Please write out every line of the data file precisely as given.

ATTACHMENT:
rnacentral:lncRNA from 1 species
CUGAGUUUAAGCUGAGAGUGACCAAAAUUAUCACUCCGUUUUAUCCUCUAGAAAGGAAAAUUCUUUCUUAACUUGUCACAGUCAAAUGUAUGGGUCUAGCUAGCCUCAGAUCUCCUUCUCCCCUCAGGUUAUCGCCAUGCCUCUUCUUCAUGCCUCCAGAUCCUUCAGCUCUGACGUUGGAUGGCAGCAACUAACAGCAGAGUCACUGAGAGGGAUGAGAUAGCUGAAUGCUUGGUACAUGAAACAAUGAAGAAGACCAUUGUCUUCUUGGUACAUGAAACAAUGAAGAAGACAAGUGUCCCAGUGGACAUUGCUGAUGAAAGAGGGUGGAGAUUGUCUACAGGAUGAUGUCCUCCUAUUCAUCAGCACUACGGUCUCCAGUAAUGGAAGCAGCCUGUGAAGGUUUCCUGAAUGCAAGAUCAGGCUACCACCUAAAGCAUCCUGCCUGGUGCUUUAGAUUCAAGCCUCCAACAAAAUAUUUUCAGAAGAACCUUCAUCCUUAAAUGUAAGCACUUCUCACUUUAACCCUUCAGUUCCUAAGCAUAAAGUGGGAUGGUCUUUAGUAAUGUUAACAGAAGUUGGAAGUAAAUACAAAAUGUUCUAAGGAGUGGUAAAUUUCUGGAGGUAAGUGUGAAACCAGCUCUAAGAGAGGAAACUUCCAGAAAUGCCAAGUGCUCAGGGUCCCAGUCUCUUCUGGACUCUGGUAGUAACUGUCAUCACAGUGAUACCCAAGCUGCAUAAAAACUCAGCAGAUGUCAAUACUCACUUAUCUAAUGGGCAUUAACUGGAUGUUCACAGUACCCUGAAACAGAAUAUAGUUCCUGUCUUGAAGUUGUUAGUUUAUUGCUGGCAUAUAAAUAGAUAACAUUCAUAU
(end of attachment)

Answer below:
rnacentral:lncRNA from 1 species
CUGAGUUUAAGCUGAGAGUGACCAAAAUUAUCACUCCGUUUUAUCCUCUAGAAAGGAAAAUUCUUUCUUAACUUGUCACAGUCAAAUGUAUGGGUCUAGCUAGCCUCAGAUCUCCUUCUCCCCUCAGGUUAUCGCCAUGCCUCUUCUUCAUGCCUCCAGAUCCUUCAGCUCUGACGUUGGAUGGCAGCAACUAACAGCAGAGUCACUGAGAGGGAUGAGAUAGCUGAAUGCUUGGUACAUGAAACAAUGAAGAAGACCAUUGUCUUCUUGGUACAUGAAACAAUGAAGAAGACAAGUGUCCCAGUGGACAUUGCUGAUGAAAGAGGGUGGAGAUUGUCUACAGGAUGAUGUCCUCCUAUUCAUCAGCACUACGGUCUCCAGUAAUGGAAGCAGCCUGUGAAGGUUUCCUGAAUGCAAGAUCAGGCUACCACCUAAAGCAUCCUGCCUGGUGCUUUAGAUUCAAGCCUCCAACAAAAUAUUUUCAGAAGAACCUUCAUCCUUAAAUGUAAGCACUUCUCACUUUAACCCUUCAGUUCCUAAGCAUAAAGUGGGAUGGUCUUUAGUAAUGUUAACAGAAGUUGGAAGUAAAUACAAAAUGUUCUAAGGAGUGGUAAAUUUCUGGAGGUAAGUGUGAAACCAGCUCUAAGAGAGGAAACUUCCAGAAAUGCCAAGUGCUCAGGGUCCCAGUCUCUUCUGGACUCUGGUAGUAACUGUCAUCACAGUGAUACCCAAGCUGCAUAAAAACUCAGCAGAUGUCAAUACUCACUUAUCUAAUGGGCAUUAACUGGAUGUUCACAGUACCCUGAAACAGAAUAUAGUUCCUGUCUUGAAGUUGUUAGUUUAUUGCUGGCAUAUAAAUAGAUAACAUUCAUAU